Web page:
Find the code here:

Bits from Debian: Debian Local Groups at DebConf20 and beyond

17 September, 2020 - 00:15

There are a number of large and very successful Debian Local Groups (Debian France, Debian Brazil and Debian Taiwan, just to name a few), but what can we do to help support upcoming local groups or help spark interest in more parts of the world?

There has been a session about Debian Local Teams at Debconf20 and it generated generated quite a bit of constructive discussion in the live stream (recording available at https://meetings-archive.debian.net/pub/debian-meetings/2020/DebConf20/), in the session's Etherpad and in the IRC channel (#debian-localgroups). This article is an attempt at summarizing the key points that were raised during that discussion, as well as the plans for the future actions to support new or existent Debian Local Groups and the possibility of setting up a local group support team.

Pandemic situation

During a pandemic it may seem strange to discuss offline meetings, but this is a good time to be planning things for the future. At the same time, the current situation makes it more important than before to encourage local interaction.

Reasoning for local groups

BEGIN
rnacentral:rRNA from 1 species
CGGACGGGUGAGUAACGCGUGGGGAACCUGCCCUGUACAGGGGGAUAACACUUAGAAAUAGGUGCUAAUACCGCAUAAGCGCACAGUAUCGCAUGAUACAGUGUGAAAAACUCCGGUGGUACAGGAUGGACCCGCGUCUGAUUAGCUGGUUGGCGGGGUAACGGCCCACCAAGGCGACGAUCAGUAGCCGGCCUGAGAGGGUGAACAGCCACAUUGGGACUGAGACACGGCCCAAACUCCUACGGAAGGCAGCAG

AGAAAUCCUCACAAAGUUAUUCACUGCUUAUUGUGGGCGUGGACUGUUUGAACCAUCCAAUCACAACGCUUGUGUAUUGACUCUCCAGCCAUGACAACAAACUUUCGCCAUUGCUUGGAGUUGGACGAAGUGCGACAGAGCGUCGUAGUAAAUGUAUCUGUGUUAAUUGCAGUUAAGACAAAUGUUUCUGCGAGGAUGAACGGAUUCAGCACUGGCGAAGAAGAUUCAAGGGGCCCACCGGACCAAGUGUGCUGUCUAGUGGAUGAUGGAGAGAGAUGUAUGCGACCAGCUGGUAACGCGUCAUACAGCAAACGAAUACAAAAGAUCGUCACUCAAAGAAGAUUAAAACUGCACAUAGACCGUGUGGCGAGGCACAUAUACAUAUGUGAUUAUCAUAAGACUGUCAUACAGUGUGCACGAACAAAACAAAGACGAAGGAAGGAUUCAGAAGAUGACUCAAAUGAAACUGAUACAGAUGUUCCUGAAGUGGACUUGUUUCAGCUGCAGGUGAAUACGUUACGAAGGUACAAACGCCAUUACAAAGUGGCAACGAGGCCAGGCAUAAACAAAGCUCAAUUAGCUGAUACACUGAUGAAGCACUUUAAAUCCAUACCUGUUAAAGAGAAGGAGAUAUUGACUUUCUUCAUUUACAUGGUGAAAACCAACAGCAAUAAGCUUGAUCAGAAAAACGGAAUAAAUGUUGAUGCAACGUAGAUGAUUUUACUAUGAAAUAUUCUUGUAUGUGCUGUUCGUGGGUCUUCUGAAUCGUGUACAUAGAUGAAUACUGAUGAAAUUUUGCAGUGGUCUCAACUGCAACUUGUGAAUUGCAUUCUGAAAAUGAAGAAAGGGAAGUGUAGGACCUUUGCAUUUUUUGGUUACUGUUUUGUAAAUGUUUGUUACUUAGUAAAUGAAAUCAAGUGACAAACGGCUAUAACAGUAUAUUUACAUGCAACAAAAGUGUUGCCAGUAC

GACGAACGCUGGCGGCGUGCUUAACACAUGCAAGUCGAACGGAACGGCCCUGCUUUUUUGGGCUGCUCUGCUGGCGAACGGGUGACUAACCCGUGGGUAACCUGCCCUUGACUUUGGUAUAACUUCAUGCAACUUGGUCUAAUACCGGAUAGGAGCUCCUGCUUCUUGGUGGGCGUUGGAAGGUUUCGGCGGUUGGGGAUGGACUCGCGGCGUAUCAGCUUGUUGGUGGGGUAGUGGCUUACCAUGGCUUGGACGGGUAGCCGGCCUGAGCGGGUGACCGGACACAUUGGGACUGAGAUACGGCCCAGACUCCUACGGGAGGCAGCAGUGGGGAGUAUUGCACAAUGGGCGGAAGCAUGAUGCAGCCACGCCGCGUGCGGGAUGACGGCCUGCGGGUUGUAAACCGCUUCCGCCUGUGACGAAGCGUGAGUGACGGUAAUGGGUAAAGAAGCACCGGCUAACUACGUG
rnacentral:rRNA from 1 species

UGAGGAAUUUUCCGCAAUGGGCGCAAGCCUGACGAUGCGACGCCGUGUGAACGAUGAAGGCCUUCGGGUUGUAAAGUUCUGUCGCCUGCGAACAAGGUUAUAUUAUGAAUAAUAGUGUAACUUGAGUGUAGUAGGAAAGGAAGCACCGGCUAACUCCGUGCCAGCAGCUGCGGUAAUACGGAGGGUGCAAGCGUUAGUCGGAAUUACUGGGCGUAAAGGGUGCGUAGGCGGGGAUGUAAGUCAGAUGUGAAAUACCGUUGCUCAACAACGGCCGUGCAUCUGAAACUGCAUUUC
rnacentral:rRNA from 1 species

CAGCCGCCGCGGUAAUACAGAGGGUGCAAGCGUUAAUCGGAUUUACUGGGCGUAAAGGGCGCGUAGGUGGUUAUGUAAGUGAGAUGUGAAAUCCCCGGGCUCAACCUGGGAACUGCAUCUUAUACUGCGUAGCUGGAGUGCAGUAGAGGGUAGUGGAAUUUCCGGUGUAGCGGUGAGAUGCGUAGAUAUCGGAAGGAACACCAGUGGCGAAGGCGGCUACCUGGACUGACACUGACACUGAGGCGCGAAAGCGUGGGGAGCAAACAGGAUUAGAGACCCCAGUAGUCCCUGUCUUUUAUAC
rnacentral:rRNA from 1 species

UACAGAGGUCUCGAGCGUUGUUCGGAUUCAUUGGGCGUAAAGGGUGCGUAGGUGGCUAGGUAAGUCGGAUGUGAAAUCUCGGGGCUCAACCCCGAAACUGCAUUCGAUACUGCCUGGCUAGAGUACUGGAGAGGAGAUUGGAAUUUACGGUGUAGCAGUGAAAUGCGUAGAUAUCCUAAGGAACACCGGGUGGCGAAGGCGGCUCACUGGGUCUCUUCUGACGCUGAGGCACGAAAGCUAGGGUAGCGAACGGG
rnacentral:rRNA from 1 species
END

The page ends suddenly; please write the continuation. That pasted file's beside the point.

Debian can seem scary for those outside. Already having a connection to Debian - especially to people directly involved in it - seems to be the way through which most contributors arrive. But if one doesn't have a connection, it is not that easy; Local Groups facilitate that by improving networking.

Local groups are incredibly important to the success of Debian since they often help with translations, making us more diverse, support, setting up local bug squashing sprints, establishing a local DebConf team along with miniDebConfs, getting sponsors for the project and much more.

Existence of a Local Groups would also facilitate access to "swag" like stickers and mugs, since people not always have the time to deal with the process of finding a supplier to actually get those made. The activity of local groups might facilitate that by organizing related logistics.

How to deal with local groups, how to define a local group

Debian gathers the information about Local Groups in its Local Groups wiki page (and subpages). Other organisations also have their own schemes, some of them featuring a map, blogs, or clear rules about what constitutes a local group. In the case of Debian there is not a predefined set of "rules", even about the group name. That is perfectly fine, we assume that certain local groups may be very small, or temporary (created around a certain time when they plan several activities, and then become silent). However, the way the groups are named and how they are listed on the wiki page sets expectations with regards to what kinds of activities they involve.